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Philippines’ Duterte says ‘sons of b*****s’ bishops should be allowed boyfriends as ‘most’ are gay in foul-mouthed rant

‘They should come out in the open, cancel celibacy’

Zamira Rahim
Friday 11 January 2019 18:55 GMT
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Rodrigo Duterte came to power in June 2016
Rodrigo Duterte came to power in June 2016 (Getty)

Philippines’ president Rodrigo Duterte has attacked the country’s Catholic bishops in a furious speech, as his war on drugs attracts increasing criticism from the church.

“Only I can say bishops are sons of b*****s, damn you. That is true,” the controversial leader said in remarks delivered during a groundbreaking ceremony for a school north of Manila.

“Most of them are gay,” he said. “They should come out in the open, cancel celibacy and allow them to have boyfriends.”

Mr Duterte did not mention any particular reason for his criticism of the church but has previously called God “stupid” and described the doctrine of the Holy Trinity as “silly”.

Some sectors of the church have become increasingly vocal about his crackdown on drugs, with calls for justice and offers of sanctuary to drug users.

Around 5,000 people have been killed in shootouts with the police during Mr Duterte’s bloody campaign, which began when he came to power in June 2016.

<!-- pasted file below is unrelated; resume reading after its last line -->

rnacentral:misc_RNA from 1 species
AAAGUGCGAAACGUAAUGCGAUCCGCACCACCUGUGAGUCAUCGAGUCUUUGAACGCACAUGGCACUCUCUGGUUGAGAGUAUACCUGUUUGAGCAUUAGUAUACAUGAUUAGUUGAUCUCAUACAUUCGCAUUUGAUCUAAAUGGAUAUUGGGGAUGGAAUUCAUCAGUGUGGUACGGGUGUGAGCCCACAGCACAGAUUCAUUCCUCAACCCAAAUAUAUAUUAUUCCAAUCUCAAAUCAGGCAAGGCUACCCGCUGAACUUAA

He remains hugely popular in the Philippines but doubts are growing about his approach to drugs.

Police have rejected accusations the killings were executions.

Authorities maintain that officers acted in self defence and claim that drug dealers and users died in shootouts.

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The Catholic Church is facing clerical sexual abuse scandals in various parts of the world, although there have been no major cases in the Philippines where around 80 per cent of the population are Roman Catholic.

Francis Lucas, an official with the Catholic Bishops’ Conference of the Philippines, attempted to play down the president’s criticism.

“We have to be more sensitive to the sensitivities and sensibilities of others out of respect,” he said.

Mr Duterte is not a regular churchgoer.

Additional reporting by agencies

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